From Blair McClenachan
Philadelphia, Novr. 29. 1802.
I must again entreat you, to have the goodness to pardon me for again, troubling you: Nothing less than the pressure of Severe circumstances, could have extorted from me the former application. These circumstances have not Since improved.
The enclosed paper, which my fellow citizens have executed, not only without my Solicitation, but without my privity or knowledge, Shews the place they Still honor me with in their regard, and at the Same time Solicits for me, an office the duties of which, I trust I Should not be incompetent to discharge.
Please, Sir, to accept the acknowledgments, of my gratitude, for the blessings conferred on this happy country, by your administration, and of my most profound personal respect.
RC (DNA: RG 59, LAR); endorsed by TJ as received 3 Dec. and “for office” and so recorded in SJL. Enclosure: Recommendation, dated 20 Nov. 1802, signed by Joseph Scott, Mathew Carey, and 59 other members of the general ward committees of Philadelphia elected to form the Democratic Republican ticket for the previous election; they note the “patriotic and disinterested services” of Blair McClenachan during the Revolutionary War and his uniform adherence to those principles of government “recognized in the declaration of Independence” and endorse him “as a citizen worthy, from his long experience in commercial affairs, of filling the office of Purveyor of Public Supplies, now in the possession of one of our most active Political enemies” (MS in same; probably in Joseph Scott’s hand, signed by all).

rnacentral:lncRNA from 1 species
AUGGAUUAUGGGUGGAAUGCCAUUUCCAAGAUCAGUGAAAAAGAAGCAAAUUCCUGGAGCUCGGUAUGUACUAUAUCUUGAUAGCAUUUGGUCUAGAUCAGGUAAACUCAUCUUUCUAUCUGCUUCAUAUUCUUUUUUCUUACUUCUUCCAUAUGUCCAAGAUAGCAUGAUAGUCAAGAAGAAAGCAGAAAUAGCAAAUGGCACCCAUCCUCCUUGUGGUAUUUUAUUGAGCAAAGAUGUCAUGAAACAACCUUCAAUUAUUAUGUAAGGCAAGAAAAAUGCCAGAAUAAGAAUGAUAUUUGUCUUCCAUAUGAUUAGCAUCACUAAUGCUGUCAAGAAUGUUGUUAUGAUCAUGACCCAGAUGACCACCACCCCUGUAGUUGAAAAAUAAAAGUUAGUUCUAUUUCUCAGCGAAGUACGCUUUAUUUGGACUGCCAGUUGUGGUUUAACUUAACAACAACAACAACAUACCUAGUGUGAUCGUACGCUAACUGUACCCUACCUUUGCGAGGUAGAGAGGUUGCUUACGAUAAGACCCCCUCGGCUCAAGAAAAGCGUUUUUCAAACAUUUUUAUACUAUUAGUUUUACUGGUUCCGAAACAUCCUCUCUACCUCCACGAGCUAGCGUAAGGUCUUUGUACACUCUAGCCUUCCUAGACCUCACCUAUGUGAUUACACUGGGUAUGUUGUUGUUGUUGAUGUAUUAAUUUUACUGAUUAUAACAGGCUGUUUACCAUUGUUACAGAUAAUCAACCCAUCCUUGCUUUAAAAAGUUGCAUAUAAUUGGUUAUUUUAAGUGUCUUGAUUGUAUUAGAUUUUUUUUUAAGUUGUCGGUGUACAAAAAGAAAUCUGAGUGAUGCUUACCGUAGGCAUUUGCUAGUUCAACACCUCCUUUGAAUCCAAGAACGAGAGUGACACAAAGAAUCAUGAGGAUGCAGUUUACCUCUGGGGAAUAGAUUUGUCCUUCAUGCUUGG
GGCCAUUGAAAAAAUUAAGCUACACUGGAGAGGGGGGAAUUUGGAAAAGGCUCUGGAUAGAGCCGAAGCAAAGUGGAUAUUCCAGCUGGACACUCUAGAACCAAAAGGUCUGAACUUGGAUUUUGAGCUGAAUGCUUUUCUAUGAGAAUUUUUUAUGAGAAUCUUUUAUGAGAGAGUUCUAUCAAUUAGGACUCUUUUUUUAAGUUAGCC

On 27 Nov., McClenachan informed Gallatin of his application to the president. He noted that the Treasury secretary’s Republican friends in Philadelphia would be highly gratified if he used his influence to have him appointed the next purveyor of public supplies. He requested that Gallatin keep him informed of his prospects for that or any other office (RC in DNA: RG 59, LAR; endorsed by TJ: “Mc.lanachan Blair to mr Gallatin”). For Israel Whelen’s plans to vacate the purveyor’s office in 1803, see Gallatin to TJ, 24 July 1802.